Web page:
Tenbury Biomass Power – the council, along with Oxfordshire-based CJ Day Associates – is submitting a planning application for the first plant in Tenbury Wells to Malvern Hills District Council in the next few weeks. Worcester County Council hopes the plant will be operational by the end of 2008.
A second application will follow “shortly after the first”, said Mr Hartley. He would not name the developer for this project. In all, the council hopes to build five plants by the end of 2010. Feasibility studies have already been undertaken for the plants.
The Tenbury plant will use “combined steam-cycle technology”. This involves burning the biomass at 1,300°C to provide steam, which is then passed through a turbine at high pressure to generate electricity. The steam is then used to produce hot water.
The Tenbury plant will use 40% of the heat on-site to dry the wood chip fuel before it is burned – increasing its calorific value – as well as to operate a pelletiser to provide fuel for 10 biomass boilers that will be locally installed. The rest of the heat will likely be used by the area’s industry. It will cost £5 million – not including the cost of the feasibility study and efforts needed to develop the supply chain or the feedstock itself. This is roughly double the cost of a gas-fired CHP plant, assuming that costs £1,000 per kW.
An investment of that size is out of the reach of many local authorities. The council is able to go ahead with it because it is only taking a 19% stake in each plant as allowed under the Local Government Finance Act. C J Day Associates will secure the rest of the equity for Tenbury. Worcestershire estimates it will get a six to eight-year payback on its investment.
The county’s plan is admittedly similar to the energy service companies (ESCOs) that have been set up by several authorities – most notably Woking (ENDS Report 380, pp 10-11 ). These have used public-private financing to develop CHP and district heating systems. However, none have focused on biomass. Southampton’s scheme – probably the closest to Worcestershire’s – will run on imported palm oil (ENDS Report 376, p 15 ).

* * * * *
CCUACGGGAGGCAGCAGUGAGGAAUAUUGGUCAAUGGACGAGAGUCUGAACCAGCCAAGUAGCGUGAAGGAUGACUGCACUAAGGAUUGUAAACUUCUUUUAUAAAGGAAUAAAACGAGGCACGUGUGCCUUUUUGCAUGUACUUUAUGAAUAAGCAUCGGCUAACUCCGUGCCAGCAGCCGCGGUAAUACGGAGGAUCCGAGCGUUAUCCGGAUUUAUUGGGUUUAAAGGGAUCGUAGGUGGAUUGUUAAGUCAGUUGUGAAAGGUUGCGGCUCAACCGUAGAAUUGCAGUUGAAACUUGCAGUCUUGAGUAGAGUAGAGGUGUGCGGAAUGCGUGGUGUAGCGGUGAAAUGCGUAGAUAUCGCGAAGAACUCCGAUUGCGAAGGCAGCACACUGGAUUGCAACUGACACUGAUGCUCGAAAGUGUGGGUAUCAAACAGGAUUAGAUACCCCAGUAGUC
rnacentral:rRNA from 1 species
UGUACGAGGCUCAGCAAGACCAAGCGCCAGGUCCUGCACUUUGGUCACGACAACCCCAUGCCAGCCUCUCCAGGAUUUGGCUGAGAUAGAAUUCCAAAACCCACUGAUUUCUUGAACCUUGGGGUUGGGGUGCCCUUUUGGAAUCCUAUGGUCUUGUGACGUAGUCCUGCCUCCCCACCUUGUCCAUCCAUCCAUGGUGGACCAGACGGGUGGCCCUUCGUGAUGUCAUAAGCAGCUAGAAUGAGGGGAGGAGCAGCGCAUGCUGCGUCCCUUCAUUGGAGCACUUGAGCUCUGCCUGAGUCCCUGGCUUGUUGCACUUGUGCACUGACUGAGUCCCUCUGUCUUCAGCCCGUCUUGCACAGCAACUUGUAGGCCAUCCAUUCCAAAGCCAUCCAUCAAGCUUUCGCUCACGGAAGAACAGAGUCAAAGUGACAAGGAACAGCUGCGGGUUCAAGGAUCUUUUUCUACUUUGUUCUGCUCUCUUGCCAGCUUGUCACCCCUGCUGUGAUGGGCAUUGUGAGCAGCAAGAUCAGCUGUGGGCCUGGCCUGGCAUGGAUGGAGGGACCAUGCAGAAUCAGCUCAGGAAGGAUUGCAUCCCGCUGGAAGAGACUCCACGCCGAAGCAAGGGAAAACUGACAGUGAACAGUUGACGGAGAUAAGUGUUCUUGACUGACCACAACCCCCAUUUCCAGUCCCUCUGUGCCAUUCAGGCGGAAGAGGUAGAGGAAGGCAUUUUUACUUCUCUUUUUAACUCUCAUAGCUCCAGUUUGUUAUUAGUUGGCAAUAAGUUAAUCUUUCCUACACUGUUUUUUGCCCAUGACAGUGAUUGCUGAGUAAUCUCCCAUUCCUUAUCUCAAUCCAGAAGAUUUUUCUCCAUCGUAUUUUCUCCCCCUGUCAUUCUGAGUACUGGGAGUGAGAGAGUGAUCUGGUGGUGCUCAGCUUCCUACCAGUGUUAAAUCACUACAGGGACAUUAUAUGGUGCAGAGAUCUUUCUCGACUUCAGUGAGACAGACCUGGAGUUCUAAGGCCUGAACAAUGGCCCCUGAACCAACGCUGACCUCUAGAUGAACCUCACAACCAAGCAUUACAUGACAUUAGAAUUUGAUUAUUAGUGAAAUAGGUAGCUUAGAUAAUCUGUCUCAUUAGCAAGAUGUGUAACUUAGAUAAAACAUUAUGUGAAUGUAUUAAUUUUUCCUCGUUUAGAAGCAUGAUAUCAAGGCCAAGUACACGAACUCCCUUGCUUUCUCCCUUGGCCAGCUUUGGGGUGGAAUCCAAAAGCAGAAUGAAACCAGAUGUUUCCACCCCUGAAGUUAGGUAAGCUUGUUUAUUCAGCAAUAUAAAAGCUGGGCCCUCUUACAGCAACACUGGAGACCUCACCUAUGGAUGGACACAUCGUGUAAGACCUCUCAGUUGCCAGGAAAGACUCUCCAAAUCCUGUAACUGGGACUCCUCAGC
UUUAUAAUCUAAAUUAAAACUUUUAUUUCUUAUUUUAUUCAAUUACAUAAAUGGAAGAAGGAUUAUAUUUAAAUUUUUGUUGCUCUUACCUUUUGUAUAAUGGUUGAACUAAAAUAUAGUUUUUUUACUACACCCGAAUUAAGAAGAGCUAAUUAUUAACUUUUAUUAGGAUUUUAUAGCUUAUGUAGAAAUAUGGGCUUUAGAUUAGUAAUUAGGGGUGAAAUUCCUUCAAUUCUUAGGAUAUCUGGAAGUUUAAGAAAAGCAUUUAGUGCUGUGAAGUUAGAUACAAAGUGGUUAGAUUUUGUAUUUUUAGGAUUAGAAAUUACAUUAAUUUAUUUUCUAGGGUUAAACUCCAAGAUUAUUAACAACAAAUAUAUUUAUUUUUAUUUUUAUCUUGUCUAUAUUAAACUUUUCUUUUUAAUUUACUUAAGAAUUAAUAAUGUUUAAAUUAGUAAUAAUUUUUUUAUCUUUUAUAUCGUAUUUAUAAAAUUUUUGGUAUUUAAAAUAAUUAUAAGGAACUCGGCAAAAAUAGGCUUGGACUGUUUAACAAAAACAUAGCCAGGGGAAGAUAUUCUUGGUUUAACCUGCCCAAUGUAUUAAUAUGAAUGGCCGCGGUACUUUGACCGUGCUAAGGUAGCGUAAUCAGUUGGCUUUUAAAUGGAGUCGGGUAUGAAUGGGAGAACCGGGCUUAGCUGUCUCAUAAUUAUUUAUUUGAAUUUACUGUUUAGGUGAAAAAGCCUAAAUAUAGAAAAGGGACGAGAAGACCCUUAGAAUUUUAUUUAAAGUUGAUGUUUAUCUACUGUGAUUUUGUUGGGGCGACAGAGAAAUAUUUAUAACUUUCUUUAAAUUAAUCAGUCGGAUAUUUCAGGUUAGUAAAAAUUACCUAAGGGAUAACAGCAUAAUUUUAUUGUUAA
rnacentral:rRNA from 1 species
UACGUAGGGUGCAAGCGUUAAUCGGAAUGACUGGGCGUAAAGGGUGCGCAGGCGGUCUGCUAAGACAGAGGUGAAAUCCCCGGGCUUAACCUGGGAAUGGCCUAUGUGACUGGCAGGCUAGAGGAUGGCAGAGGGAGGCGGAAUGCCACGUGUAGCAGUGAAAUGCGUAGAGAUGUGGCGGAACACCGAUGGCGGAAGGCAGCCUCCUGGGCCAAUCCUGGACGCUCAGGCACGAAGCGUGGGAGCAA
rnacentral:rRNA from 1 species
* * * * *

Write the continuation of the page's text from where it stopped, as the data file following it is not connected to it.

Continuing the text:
Developing a supply chain
One of the main aims of Worcestershire’s plan is to create a biomass supply chain in the region.
The Tenbury plant will need 25,000 tonnes of biomass a year. All of it will be sourced from within 30 kilometres of the plant and the majority will consist of wood chip from saw mills, says Mr Hartley. “There’s a significant limit on what feedstock you can use once you deal with a bank [as a financer] because they require a main supplier. That means you can only really go to saw mills.”
However, up to 2,000 tonnes will come from farmers and managed woodland in the area. This will include short-rotation willow, “possibly alder and maybe even miscanthus”, Mr Hartley says. That figure could grow after talks with the developer, he adds: “As an investor, we are making sure that there will be an increasing percentage of material sourced from woodland and farmers so we can develop supply chains. At the moment if we go to farmers and say we need 100 tonnes of material, they shake their heads and say they can’t do it. So we’re hoping the secure contracts we can offer will give them more confidence to act.”
Contracts will also need to be flexible so farmers are not afraid of penalties if supply dips.